Wednesday, November 20, 2013

Chevalier de la Nuit by Ciro c1923

Le Chevalier de la Nuit (Knight of the Night) was launched in France in 1923 by Parfums Ciro. It was introduced to America in 1924 according to some newspaper articles of the day. Parfums Ciro was founded in 1921 in New York, at first obtaining all its fragrances from Gabilla in Paris, already bottled. These included 'Doux Jasmin', 'Chevalier de la Nuit' and 'Masked', all issued in 1923.


It's exportation to the USA appears to have been halted in 1936 and was unavailable during World War II, it was brought back as late as 1948, as it was advertised as "a recent arrival from Paris" and "Ciro's dashing perfume Chevalier de la Nuit, just returned in its elegant black bottle to make Christmas and linger with her all year long" according to two newspaper articles. I can not find any other newspaper reference to it after 1948.

Cue, 1948:
"The return of one of France's favorite perfumes, Chevalier de la Nuit, is heralded for the Christmas season. This is, of course, the famous Ciro scent whose bottle is a suit of armor and its stopper a visor with a plumed helmet. This will be available for your Christmas favorite in one ounce bottles, only at $15."

Fragrance Composition:

So what does it smell like? Though there are no published notes on this composition, I did have some old empty bottles years ago, and I distinctly remember them smelling like jasmine, gardenia and tuberose.

In old advertisements, the perfume was described as "an exotic, fascinating fragrance whose romantic overtones are beautifully expressed by its name, a lasting perfume, and particularly adaptable to furs. It has a singular sweetness, not found in most heavy odors, and while it is a mysterious, intriguing and essentially a formal perfume, it may be worn at any time of day."


  • Top notes:
  • Middle notes: tuberose, gardenia, jasmine
  • Base notes:


Bottles:


A 1928 ad:
"Chevalier de la Nuit from Ciro is a perfume for the sophisticate. Smartly bottled and cased $10. And the toilet water is $8.50."

Garden & Home Builder, 1928:
"Ciro offers in this attractive black bottle his famous 'Chevalier de la Nuit'

Hearst's, 1928:
"But be she queen or maid, rich or poor, she wants with all her heart to be remembered. Chevalier de la Nuit. the "Knight of the Night", is a scent of singular individuality, conceived and sealed by Ciro, in Paris. In its fragrance lurks a loveliness quite new. It is haunting, yet elusive — sensuous, yet exquisite."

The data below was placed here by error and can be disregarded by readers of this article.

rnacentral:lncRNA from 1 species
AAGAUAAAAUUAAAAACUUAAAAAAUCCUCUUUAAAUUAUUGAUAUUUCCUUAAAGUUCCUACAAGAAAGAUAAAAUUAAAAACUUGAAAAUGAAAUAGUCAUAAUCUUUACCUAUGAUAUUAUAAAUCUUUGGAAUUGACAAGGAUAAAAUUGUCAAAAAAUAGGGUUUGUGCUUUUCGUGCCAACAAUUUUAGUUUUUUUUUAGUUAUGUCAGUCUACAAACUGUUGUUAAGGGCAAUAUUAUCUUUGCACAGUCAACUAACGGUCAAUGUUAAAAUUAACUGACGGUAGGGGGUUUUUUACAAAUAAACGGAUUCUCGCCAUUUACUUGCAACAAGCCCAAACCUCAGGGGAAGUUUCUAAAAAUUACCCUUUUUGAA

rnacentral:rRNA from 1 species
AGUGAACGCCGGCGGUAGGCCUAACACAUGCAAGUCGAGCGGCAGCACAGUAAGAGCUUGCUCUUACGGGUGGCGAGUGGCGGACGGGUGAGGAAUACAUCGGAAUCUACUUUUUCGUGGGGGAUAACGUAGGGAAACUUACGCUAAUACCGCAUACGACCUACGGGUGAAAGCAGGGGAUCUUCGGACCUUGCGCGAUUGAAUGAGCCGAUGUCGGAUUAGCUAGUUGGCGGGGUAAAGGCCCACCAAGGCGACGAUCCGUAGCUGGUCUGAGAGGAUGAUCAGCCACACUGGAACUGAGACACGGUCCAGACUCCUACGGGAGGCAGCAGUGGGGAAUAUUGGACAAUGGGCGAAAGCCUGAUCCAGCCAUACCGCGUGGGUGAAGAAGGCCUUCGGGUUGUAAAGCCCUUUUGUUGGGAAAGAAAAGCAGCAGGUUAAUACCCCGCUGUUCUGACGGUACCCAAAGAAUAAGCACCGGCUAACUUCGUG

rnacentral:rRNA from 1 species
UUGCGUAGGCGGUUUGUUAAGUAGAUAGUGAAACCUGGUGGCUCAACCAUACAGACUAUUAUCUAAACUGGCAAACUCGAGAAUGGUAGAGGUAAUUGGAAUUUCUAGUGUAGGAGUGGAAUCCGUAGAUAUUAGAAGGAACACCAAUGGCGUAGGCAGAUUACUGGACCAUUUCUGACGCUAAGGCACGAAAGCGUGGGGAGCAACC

Hearst's, 1928:
"Ciro's Parfum — Chevalier de la Nuit, the "Knight of the Night". . . a strange, delicate scent."

American Druggist - Volumes 79-80, 1929:
"Ciro's Chevalier de la Nuit One of the most surprising new products of recent months has been Ciro's Chevalier de la Nuit. Offered first about the Christmas season in department and a few drug stores at $4.50 it showed such sales that manufacturers are offering it generally to the trade. The bottle - a romantic affair, - stands nearly a foot in height and is fashioned in France of hand-burnished glass. The stopper is a replica of a plumed helmet . The bottle duplicates the body armor of a knight of the crusades."

The bottle carries out the cavalier theme, in the shape of a suit of armor, a heart in its center, with its stopper a visored, beplumed helmet. It's unusual bottle made it particularly appropriate for Christmas gift giving. The bottles came in black opaque glass, clear and frosted glass and also clear and frosted glass with gilded highlights.






The bottles were designed by Julien Viard and may have been made by Depinoix. Ciro's founder, Guy T. Gibson (JS Wiedhopf) filed a design patent for the bottle and was granted patent number 68,779 on November 17, 1925.


The parfum bottles, in clear and frosted glass, came in various sizes:
  • 7 1/2" tall
  • 5 3/8" tall
  • 4 3/4" tall
  • 4 " tall
  • 3 1/4" tall
  • 2 3/8" tall

The black frosted glass bottle came in two sizes:
  • 4 1/2" tall
  • 4 3/4" tall

An Eau de Toilette bottle, in clear and frosted glass, was slightly different from the parfum flacon, and it had a shield shaped label, this bottle stood around 7 1/4" tall.


Starting in 1931, a small cylindrical, clear glass bottle was also used, it had a small boule stopper made of clear glass and a tiny rectangular label. This bottle held 1 oz of parfum, stood 9cm tall, and was also used for other Ciro perfumes.

Drug & Cosmetic Industry, 1935:
"CIRO'S exquisite perfume odors, Doux Jasmin, Chevalier de la Nuit, Gardenia Sauvage, as well as an eau de cologne, have been developed in toilet waters known as "Eau de Ciro". The cone shaped bottle decorated with a silver top and label forms an attractive addition to bath shelf and dressing table."

In 1938, these Eau de Ciro toilet waters were being presented in eight sided glass bottles with screw caps and a long rectangular label down the front of the bottle. Available in Surrender, Danger, Reflexions, Gardenia Sauvage and Doux Jasmin. The Eau de Ciro was also available in a matching atomizer bottle.

Fate of the Fragrance:


The perfume was still being sold in 1950. Ciro stopped making perfumes in 1961.

Photo credits: Legendary Auctions, ebay seller anteequity

No comments:

Post a Comment

All comments will be subject to approval by a moderator. Comments may fail to be approved or may be edited if the moderator deems that they:
contain unsolicited advertisements ("spam")
are unrelated to the subject matter of the post or of subsequent approved comments
contain personal attacks or abusive/gratuitously offensive language

International Perfume Bottle Association

IPBA Annual Convention

Annual IPBA Perfume Bottles Auction

Annual IPBA Perfume Bottles Auction